An Illinois federal district court has ruled that Section 19 of the FTC Act provided an alternate route for the FTC to obtain restitution after its prior restitution award under Section 13(b) of the FTC Act was vacated by the Fifth Circuit because it concluded that monetary relief is not available under Section 13(b).… Continue Reading
In a decision issued earlier this summer, the U.S. Court of Appeals for the Seventh Circuit vacated the district court’s order awarding restitution, mandating civil penalties, and issuing an injunction in an action brought by the CFPB against two mortgage-assistance relief companies and four lawyers associated with the companies. The decision imposes significant limitations on the Bureau’s ability to recover both monetary and injunctive relief in enforcement actions.… Continue Reading
Despite the pendency in the Tenth Circuit of a constitutional challenge to a CFPB administrative order that requires a lender and its CEO to pay restitution and civil money penalties, a Kansas federal district court recently refused to stay enforcement of the order.
Earlier this week, FTC Acting Chairwoman Rebecca Kelly Slaughter sent a letter to the Chair and Ranking Member of the House Commerce Committee responding to a letter sent to the lawmakers by the U.S. Chamber of Commerce regarding the legislation that has been introduced to amend Section 13(b) of the FTC Act. … Continue Reading
The Federal Trade Commission recently announced that it has settled the lawsuit it filed against Yellowstone Capital LLC, a provider of merchant cash advances, and its chief executive officer and president for alleged unfair and deceptive conduct in violation of section 5 of the FTC Act, 15 U.S.C. § 45.
In its Complaint, the FTC alleged that the defendants engaged in deceptive acts or practices by (1) representing that they did not require collateral or personal guarantees from business owners when, in reality, they did require business owners to grant a purported security interest or lien on all business property they owned, and (2) representing that the defendants would provide the business owners a certain amount of funding when, in reality, the amount provided was substantially less as a result of withholding fees that were not clearly and conspicuously disclosed. … Continue Reading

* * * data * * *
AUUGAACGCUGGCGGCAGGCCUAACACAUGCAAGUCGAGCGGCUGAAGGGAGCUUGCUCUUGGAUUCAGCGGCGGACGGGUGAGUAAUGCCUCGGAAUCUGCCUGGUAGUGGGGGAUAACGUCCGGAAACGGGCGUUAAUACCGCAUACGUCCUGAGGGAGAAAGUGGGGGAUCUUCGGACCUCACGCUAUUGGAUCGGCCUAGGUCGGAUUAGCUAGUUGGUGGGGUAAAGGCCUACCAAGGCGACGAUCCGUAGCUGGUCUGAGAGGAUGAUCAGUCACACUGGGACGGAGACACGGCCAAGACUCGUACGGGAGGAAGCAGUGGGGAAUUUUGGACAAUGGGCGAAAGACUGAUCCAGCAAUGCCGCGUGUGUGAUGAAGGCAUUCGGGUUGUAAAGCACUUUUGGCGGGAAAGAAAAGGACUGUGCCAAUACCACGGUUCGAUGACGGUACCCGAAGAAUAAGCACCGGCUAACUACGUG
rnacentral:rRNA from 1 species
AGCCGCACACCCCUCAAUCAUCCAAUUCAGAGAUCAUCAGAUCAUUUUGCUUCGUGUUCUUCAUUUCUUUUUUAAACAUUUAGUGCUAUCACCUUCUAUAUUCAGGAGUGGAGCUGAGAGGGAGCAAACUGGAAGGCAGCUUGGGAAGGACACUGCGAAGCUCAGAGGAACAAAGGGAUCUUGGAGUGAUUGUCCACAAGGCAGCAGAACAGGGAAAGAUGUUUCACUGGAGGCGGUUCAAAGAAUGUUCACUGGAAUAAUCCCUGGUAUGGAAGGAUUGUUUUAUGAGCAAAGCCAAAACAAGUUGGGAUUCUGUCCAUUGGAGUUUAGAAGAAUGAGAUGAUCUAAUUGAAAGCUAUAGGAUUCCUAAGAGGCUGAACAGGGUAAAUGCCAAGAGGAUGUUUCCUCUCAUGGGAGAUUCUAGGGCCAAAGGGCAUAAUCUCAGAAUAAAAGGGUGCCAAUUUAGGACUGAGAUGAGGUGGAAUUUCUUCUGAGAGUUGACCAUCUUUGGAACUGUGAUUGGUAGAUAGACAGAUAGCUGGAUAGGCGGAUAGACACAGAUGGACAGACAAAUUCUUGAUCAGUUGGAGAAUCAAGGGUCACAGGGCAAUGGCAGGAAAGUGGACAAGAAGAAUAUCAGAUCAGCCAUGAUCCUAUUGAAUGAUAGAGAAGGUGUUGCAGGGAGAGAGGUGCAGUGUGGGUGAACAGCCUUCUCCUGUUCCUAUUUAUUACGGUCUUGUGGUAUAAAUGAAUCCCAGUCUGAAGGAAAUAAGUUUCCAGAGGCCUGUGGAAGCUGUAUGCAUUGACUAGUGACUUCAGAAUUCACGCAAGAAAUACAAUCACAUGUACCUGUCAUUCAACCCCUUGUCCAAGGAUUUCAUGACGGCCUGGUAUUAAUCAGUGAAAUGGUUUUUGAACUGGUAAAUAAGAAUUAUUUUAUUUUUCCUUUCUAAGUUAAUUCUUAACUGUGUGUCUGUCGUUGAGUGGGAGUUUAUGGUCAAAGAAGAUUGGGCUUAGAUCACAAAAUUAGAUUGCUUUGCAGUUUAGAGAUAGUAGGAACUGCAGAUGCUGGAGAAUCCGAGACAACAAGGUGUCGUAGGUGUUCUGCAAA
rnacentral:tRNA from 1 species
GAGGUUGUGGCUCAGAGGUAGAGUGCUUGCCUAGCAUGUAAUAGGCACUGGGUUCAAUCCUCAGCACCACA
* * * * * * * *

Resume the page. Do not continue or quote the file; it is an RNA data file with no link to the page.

On April 20, 2021, in anticipation of an adverse Supreme Court ruling, the Senate Committee on Commerce, Science, and Transportation held a hearing titled, “Strengthening the Federal Trade Commission’s Authority to Protect Consumers.” Two days after the hearing, on April 22, 2021, the U.S. Supreme Court ruled that Section 13(b) of the Federal Trade Commission Act (the “Act”) does not authorize the FTC to seek, or a court to award, equitable monetary relief such as restitution or disgorgement.… Continue Reading
In a unanimous decision, the U. S. Supreme Court ruled today that Section 13(b) of the Federal Trade Commission Act (Act) does not authorize the FTC to seek, and a court to award, monetary relief such as restitution or disgorgement.
In AMG Capital Management, LLC v. FTC, the FTC filed a lawsuit in federal district court against several payday lenders and their owner for engaging in alleged unfair or deceptive acts or practices in violation of Section 5 of the Act. … Continue Reading
Last week, in FTC v. AbbVie Inc., the U.S. Court of Appeals for the Third Circuit ruled that Section 13(b) of the Federal Trade Commission Act, which expressly gives the FTC authority to obtain injunctive relief, does not allow a district court to order disgorgement. In July 2020, the U.S.… Continue Reading
Last Thursday, in addition to agreeing to decide an issue of major significance under the Telephone Consumer Protection Act, the U.S. Supreme Court agreed to decide whether Section 13(b) of the Federal Trade Commission Act, which expressly gives the FTC authority to seek injunctive relief, also authorizes the FTC to seek monetary relief, such as restitution.… Continue Reading
A letter recently sent by House Financial Services Committee Chairwoman Maxine Waters to CFPB Director Kathy Kraninger will undoubtedly be followed in the coming months by many similar letters to the CFPB from the Committee’s new Democratic leadership.
In the letter, Chairwoman Waters raises concerns “about how the Consumer Bureau is exercising its enforcement activity, especially how it is determining whether to require companies to pay redress to consumers that have been harmed.” … Continue Reading